Enabling you to identify and mitigate the intrinsic risk in your operations, supply chains and business processes.
Evaluating how your products and services meet and exceed quality, safety, sustainability and performance standards.
Validating the specifications, value and safety of your raw materials, products and assets.
Footwear is classified in Chapter 64 of the Harmonized Tariff Schedule of the United States (HTSUS). In October 2011, the HTSUS codes were modifiedi , which included, among other changes, insertion of the Additional Note 5 to Chapter 64 of HTSUS, which states:
For the purposes of determining the constituent material of the outer sole pursuant to Note 4(b) to this Chapter, no account shall be taken of textile materials which do not possess the characteristics usually required for normal use of an outer sole, including durability and strength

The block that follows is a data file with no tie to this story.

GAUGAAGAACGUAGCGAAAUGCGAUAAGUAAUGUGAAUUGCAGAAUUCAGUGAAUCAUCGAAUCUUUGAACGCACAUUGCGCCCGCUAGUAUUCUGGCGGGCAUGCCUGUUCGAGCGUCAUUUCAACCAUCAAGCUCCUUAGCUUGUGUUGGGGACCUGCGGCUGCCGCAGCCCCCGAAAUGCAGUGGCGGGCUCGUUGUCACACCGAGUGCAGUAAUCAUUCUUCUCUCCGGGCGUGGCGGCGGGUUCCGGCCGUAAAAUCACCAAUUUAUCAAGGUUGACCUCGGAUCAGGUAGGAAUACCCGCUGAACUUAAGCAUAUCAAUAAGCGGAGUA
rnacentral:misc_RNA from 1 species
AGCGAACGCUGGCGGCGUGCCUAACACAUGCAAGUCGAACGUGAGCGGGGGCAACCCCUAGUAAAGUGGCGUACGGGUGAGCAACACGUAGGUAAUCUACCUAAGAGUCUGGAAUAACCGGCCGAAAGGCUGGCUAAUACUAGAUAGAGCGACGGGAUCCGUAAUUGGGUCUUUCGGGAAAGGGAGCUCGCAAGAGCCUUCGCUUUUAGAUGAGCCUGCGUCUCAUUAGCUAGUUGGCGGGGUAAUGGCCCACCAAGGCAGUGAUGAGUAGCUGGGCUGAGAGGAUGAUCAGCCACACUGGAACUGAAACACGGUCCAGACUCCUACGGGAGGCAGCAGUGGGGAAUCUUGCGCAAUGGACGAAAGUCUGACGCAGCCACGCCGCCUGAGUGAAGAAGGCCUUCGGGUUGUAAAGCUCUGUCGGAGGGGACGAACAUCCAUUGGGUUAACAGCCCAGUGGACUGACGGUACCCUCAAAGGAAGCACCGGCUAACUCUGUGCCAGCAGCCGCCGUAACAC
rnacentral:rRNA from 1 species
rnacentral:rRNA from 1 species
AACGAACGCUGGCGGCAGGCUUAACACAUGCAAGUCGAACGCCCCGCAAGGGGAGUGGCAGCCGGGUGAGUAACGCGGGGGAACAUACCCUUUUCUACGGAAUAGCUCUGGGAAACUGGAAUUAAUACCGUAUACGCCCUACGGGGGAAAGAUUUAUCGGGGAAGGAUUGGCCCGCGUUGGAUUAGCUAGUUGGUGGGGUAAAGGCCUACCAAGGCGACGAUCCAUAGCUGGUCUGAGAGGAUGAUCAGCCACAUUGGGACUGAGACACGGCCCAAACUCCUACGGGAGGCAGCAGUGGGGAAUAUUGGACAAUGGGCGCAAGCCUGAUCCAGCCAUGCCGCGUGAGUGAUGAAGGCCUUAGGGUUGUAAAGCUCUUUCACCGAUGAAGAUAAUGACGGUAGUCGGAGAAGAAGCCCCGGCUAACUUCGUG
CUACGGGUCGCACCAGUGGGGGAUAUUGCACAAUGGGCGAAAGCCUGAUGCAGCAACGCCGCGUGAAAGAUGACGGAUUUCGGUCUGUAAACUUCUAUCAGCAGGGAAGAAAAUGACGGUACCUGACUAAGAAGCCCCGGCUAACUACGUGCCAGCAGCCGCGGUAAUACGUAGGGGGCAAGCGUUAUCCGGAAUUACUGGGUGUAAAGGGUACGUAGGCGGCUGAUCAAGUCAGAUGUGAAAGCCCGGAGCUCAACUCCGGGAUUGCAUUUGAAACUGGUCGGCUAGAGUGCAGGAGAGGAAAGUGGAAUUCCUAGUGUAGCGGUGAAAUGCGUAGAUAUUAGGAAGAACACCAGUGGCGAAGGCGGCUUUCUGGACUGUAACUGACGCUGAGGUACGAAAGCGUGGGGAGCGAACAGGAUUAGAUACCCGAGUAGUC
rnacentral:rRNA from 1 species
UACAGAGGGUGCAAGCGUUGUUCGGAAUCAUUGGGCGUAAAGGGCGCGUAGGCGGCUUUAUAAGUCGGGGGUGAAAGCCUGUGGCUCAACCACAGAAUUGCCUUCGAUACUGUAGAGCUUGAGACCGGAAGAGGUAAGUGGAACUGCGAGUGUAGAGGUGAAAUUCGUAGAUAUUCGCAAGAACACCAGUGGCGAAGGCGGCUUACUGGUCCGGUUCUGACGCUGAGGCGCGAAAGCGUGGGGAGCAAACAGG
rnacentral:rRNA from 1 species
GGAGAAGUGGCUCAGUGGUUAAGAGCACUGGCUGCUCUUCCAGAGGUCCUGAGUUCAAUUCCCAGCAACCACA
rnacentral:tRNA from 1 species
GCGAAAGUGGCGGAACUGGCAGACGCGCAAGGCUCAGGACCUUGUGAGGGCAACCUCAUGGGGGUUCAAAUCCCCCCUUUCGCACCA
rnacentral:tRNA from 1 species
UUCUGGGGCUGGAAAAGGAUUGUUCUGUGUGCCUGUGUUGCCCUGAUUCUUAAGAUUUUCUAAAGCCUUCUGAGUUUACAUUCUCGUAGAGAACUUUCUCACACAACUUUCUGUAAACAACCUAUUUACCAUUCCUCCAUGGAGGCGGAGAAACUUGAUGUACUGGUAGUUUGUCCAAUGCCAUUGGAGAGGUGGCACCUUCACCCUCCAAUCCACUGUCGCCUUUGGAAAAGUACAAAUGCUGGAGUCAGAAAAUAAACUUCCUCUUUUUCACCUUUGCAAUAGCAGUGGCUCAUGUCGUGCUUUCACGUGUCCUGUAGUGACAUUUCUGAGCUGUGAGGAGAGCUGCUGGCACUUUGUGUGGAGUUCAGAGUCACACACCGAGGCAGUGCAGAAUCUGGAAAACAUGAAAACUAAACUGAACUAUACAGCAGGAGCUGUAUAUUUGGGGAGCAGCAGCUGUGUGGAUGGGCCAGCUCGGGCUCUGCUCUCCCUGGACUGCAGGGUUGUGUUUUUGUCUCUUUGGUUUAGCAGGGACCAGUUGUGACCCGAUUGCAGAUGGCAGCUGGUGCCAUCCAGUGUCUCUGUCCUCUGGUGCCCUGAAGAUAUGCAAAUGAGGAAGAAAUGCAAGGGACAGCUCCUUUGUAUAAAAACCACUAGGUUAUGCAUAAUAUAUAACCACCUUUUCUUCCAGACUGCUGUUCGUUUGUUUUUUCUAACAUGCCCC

In Note 5, above, the criteria for determining the ‘durability and strength’ were not clearly defined. To assist the industry in clarifying these criteria, in March 2013ii U.S. Customs and Border Protection (CBP) issued a proposed rule that would use ISO 20871 test method to assess the ‘durability and strength’ property.
On November 13, 2013iii, the CBP published the final rule in Customs Bulletin and Decisions. The rule became effective November 13, 2013. As proposed the final rule adopts ISO 20871 test method to assess the durability and strength of the textile material attached to the outer sole. The requirement, according to the discussion in preamble of the final rule, is that the textile material should be present on at least one of the three specimens tested to the ISO 20871 method for it to be considered to possess the characteristics usually required for normal use of an outer sole, i.e., to meet durability and strength criteria in Note 5.
For questions, please contact:
Dr. Pratik Ichhaporia